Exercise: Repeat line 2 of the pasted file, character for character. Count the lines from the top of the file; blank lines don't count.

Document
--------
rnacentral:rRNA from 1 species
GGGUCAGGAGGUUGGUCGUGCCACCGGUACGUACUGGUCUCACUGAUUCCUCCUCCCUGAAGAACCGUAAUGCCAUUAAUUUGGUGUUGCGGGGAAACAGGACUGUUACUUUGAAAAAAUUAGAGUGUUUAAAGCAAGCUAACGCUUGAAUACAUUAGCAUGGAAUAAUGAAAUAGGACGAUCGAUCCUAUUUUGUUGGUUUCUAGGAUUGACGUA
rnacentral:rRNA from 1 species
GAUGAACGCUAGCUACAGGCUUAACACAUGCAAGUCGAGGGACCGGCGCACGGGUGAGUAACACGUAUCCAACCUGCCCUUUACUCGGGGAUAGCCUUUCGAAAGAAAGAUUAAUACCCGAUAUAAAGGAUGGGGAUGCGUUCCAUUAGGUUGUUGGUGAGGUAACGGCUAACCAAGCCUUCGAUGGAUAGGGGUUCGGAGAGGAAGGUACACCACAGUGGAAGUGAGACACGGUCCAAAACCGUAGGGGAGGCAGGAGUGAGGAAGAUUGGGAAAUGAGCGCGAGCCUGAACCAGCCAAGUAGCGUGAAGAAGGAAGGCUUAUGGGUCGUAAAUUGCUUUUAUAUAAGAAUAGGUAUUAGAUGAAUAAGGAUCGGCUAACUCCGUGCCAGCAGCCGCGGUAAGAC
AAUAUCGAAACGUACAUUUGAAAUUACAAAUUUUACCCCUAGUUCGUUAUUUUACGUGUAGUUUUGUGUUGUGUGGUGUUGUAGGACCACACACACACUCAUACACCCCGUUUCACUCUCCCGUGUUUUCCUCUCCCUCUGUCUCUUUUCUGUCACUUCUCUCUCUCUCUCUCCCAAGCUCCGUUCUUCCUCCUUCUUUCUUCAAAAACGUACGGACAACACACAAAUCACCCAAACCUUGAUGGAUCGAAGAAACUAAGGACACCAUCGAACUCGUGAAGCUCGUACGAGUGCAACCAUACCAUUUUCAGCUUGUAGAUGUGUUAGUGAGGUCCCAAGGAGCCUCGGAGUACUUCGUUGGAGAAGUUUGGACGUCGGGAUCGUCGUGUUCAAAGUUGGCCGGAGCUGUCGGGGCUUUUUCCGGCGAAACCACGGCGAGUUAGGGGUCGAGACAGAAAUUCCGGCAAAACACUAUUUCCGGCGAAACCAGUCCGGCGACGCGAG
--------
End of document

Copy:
GGGUCAGGAGGUUGGUCGUGCCACCGGUACGUACUGGUCUCACUGAUUCCUCCUCCCUGAAGAACCGUAAUGCCAUUAAUUUGGUGUUGCGGGGAAACAGGACUGUUACUUUGAAAAAAUUAGAGUGUUUAAAGCAAGCUAACGCUUGAAUACAUUAGCAUGGAAUAAUGAAAUAGGACGAUCGAUCCUAUUUUGUUGGUUUCUAGGAUUGACGUA